Another exciting result from this model has been the number of peer models who are being introduced to the sport of tennis for the very first time. Many of our peer models have started taking private lessons because of their involvement with ACEing Autism. Not only does the peer model appear to accelerate improvement in our participants with ASD, but it is also growing the game of tennis!

Richard Spurling, Founder and CEO of ACEing Autism

April 18, San Luis Obispo, CA: Former college player at California Polytechnic State University and head tennis pro at the San Luis Obispo Country Club, our Program Director Paige Louise saw an opportunity to bring our program to her club to support a member family of a child with autism. The club community provided tremendous support in turn, with a wonderful volunteer turn out from the women’s tennis team, as well as the siblings of participants there to help as peer models. Opening day was a hit!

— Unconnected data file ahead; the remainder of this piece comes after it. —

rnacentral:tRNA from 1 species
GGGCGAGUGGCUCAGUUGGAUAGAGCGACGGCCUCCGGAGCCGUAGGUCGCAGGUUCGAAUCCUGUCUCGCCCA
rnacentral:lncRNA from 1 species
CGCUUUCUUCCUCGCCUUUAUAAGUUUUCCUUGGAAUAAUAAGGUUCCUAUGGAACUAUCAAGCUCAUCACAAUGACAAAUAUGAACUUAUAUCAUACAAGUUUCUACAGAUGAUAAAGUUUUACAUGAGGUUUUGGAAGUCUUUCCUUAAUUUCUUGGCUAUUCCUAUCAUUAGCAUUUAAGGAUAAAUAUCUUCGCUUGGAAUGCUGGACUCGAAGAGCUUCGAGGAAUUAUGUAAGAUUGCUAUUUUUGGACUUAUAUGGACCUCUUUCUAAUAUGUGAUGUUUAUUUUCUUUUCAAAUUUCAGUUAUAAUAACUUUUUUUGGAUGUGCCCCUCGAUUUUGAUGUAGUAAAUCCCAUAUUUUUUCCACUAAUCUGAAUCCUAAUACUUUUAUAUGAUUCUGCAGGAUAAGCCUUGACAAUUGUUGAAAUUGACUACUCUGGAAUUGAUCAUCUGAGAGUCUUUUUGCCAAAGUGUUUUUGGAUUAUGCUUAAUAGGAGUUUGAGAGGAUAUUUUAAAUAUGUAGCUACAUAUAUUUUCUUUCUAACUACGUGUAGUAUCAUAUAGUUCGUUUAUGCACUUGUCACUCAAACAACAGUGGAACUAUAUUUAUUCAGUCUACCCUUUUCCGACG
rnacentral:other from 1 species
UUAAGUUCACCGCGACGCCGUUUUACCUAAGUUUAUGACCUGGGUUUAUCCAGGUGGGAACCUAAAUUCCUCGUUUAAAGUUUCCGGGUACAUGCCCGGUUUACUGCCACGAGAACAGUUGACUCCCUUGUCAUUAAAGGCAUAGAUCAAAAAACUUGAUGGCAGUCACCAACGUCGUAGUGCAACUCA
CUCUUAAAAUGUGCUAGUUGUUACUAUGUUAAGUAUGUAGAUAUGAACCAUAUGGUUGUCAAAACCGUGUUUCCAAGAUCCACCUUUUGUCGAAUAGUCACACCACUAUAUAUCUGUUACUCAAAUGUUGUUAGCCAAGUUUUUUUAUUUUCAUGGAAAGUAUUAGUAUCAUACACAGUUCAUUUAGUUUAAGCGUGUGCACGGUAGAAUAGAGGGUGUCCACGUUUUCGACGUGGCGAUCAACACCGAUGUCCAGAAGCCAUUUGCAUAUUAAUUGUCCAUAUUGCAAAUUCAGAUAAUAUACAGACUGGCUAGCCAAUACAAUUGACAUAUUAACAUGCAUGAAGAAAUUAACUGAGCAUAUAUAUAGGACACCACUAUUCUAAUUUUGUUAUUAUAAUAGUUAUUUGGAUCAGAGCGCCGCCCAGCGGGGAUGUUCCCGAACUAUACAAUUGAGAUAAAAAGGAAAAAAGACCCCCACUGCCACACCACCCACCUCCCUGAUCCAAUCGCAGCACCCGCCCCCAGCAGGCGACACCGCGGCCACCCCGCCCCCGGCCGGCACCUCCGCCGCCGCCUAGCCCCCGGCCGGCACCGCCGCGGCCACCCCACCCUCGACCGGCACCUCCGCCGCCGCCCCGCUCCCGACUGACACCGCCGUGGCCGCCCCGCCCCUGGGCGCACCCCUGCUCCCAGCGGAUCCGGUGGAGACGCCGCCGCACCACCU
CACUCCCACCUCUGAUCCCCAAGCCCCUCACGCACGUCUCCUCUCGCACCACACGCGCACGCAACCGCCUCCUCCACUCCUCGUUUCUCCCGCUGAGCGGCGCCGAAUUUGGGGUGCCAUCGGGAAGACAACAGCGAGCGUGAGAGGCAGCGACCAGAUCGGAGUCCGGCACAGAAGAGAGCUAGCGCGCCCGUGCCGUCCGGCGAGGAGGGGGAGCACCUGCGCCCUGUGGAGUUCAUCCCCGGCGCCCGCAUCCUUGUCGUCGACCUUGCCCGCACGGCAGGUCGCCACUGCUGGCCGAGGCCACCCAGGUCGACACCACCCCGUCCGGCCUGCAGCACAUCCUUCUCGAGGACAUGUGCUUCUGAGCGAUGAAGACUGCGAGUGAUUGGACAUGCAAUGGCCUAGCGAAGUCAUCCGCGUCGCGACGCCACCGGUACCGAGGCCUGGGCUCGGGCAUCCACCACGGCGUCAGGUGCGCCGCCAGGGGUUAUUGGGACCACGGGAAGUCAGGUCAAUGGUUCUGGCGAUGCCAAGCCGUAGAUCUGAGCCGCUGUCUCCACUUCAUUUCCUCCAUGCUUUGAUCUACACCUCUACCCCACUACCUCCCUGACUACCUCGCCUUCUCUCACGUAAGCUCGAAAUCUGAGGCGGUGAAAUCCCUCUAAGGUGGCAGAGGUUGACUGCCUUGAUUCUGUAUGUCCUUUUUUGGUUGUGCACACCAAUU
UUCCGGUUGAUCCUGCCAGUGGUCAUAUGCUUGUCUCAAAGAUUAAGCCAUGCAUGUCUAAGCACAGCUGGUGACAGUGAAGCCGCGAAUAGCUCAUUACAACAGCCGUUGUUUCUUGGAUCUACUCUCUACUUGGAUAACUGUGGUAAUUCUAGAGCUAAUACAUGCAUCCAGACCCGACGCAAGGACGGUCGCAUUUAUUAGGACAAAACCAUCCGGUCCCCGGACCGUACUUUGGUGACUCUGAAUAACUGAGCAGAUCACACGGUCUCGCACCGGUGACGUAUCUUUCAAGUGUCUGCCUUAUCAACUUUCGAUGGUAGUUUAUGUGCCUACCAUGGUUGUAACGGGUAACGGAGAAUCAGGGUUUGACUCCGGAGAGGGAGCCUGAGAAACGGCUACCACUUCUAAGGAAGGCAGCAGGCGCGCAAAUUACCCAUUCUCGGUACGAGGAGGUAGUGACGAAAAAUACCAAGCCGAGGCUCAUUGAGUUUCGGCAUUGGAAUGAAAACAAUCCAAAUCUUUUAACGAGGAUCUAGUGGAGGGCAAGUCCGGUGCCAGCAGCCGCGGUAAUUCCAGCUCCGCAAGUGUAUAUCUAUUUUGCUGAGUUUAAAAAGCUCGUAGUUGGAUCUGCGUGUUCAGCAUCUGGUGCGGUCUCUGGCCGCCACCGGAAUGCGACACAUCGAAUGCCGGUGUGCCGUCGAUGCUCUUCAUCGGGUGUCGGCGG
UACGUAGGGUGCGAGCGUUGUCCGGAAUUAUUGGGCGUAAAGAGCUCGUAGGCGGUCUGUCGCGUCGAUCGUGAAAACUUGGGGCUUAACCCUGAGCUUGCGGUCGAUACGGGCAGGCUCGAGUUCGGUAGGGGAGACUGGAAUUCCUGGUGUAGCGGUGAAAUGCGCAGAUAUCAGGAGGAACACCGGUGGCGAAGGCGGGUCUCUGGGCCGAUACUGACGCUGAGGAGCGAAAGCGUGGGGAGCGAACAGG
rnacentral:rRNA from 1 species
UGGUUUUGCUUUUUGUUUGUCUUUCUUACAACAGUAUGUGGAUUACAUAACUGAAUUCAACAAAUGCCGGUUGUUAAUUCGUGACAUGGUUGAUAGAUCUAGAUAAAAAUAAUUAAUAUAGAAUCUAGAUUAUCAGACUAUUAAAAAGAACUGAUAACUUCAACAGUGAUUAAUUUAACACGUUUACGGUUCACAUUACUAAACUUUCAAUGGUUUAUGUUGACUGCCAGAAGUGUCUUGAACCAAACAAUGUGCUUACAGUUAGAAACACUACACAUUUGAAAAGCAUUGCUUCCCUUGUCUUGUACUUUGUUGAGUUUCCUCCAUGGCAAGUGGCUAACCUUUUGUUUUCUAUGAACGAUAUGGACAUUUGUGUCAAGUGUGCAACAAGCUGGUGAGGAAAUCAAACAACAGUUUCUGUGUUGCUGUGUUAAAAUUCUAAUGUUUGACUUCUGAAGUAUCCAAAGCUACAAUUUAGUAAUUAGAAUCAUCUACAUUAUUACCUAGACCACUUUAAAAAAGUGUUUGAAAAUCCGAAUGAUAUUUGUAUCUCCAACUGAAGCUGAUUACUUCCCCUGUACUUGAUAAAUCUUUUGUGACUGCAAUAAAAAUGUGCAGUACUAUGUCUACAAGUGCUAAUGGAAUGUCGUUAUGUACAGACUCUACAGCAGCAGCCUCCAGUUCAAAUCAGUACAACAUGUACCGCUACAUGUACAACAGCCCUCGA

May 30th, Encinitas, CA: Another terrific launch! Our first Encinitas session at the Bobby Riggs Tennis Club was made up of 20 new participants. Special thanks goes toProgram Directors Emily Templin and Jennifer Robinson for connecting ACEing Autism to so many families and resources in the Encinitas community, and to Coach Joe Tomasifor bringing the San Dieguito Academy Tennis Team to volunteer!
May 2, Seattle, WA: Our Program Director Chris Cassaza, a former college tennis player and long time Seattle resident, has grown our local program from finding a home with Tennis Center at Sand Point to recruiting volunteers and reaching local families to find participants. We had a great turn out for the program launch, with 15 children ages 4 to 17 years old. Our next Seattle session is coming up this fall!